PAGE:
At The Tefaf Fair - Famous Furniture
The fifth installment of TEFAF New York, the art fair that started in Maastricht, the Netherlands, is just as grand and impressive as its previous versions.
CABINETS OF CURIOSITY
Three hundreds years after Thomas Chippendale was born, two of the cabinetmaker’s admirers—LORD SNOWDON and SIMON PHILLIPS—met to discuss his legacy. Article featured in Vanity Fair On Art 2018 Edition.
300 Years Since Thomas Chippendale Was Born
Thomas Chippendale’s designs will be displayed in an exhibition this June to commemorate the tercentenary of his birth.
Collectors' Focus Chippendale
Chippendale’s peerless designs have become synonymous with English furniture, but with only around 600 pieces traceable to his workshop, the market is small and competition fierce. Above all else, collectors should look for a firm attribution.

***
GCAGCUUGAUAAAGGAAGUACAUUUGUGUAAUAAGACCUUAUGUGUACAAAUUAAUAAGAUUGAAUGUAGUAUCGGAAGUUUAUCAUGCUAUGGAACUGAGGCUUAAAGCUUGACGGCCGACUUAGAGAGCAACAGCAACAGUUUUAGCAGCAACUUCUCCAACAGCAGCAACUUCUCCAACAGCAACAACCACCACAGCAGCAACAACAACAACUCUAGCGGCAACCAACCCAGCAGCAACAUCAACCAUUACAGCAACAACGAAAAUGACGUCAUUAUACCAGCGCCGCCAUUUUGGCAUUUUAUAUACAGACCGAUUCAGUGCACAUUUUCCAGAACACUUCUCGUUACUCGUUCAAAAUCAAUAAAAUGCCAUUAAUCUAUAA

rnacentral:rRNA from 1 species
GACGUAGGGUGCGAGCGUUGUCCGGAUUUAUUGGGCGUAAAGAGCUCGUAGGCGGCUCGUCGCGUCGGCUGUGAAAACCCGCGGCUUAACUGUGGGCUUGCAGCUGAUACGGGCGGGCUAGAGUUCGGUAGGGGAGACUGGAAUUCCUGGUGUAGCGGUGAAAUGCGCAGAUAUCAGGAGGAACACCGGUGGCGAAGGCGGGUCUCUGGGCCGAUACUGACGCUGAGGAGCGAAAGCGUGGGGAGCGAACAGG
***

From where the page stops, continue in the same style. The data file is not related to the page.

IN THE PRESS
Made in circa 1765, our mahogany writing table almost certainly by William Vile is featured in Country Life this month.
In devilish detail
There's never a dull day at Ronald Phillip's antique restoration workshop. Camilla Apcar discovers a concealed studio brimming with expertise and fine furniture.
Winter in New York
Two of London's top furniture dealers will have exceptionally fine offerings for visitors to the New York Winter Antiques Show, which has its preview at the Park Avenue Armory on January 19 and runs to the 29th.
Born in the USA
With TEFAF at the helm, this year’s autumn fair at New York’s Armory is larger and offers more treasures than ever
Made in c. 1750, these Cantonese enamelled sconces were created for the king of Portugal - flamboyant symbols of the court's love of the Orient, Chiense in style, European in form, and full of references to both Eastern and Western culture, they tell an enigmatic tale of cross-continental taste and trade in the 18th century.
Good as Gold
Antiques icon Ronald Phillips on Bruton Street is the last dealer in the area. So is this a blessing or a curse? Owner Simon Phillips fills Mayfair Times in and tells them why he’ll never leave Mayfair.